Membrane nanotubes drawn by optical tweezers transmit electrical signals between mammalian cells over long distances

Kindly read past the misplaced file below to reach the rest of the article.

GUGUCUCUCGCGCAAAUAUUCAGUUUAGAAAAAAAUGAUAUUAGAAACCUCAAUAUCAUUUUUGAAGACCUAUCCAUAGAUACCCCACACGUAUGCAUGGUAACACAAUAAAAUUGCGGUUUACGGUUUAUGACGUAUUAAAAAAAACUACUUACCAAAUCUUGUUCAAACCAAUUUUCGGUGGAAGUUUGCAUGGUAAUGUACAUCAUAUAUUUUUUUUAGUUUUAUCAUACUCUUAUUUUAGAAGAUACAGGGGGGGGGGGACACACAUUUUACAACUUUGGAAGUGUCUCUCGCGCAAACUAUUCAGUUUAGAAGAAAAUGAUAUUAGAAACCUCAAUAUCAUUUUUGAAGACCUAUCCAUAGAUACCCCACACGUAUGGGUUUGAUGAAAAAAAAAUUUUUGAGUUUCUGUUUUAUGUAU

Biological cells continuously change shape allowing essential functions such as cell motility, vesicle-mediated release/uptake of soluble and membrane components or nanotube-mediated cell–cell communications. Here we use single cell micromanipulation to induce functional changes of cell shape for nanobiotechnological applications. Optical tweezers are focused on the plasma membrane of living cells to pull membrane nanotubes of similar200 nanometre diameters and 100 micrometre lengths. Upon switching off the laser tweezer membrane nanotubes relax back to the cell surface. Single-exponential relaxation times deliver local mechanical properties of cells' plasma membrane. Nanotubes pulled beyond 100 micrometre tear off and form micrometre-sized vesicles carrying functional membrane receptors and cytoplasmic signaling components. Membrane nanotubes from one cell can be contacted to adjacent cells forming via connexins intercellular electrical connections within seconds in all directions. Our method opens broad applications for multiplexing single-cell analytics to submicrometer/subfemtoliter ranges and for creating artificial intercellular signaling networks, both not attainable by current methodologies.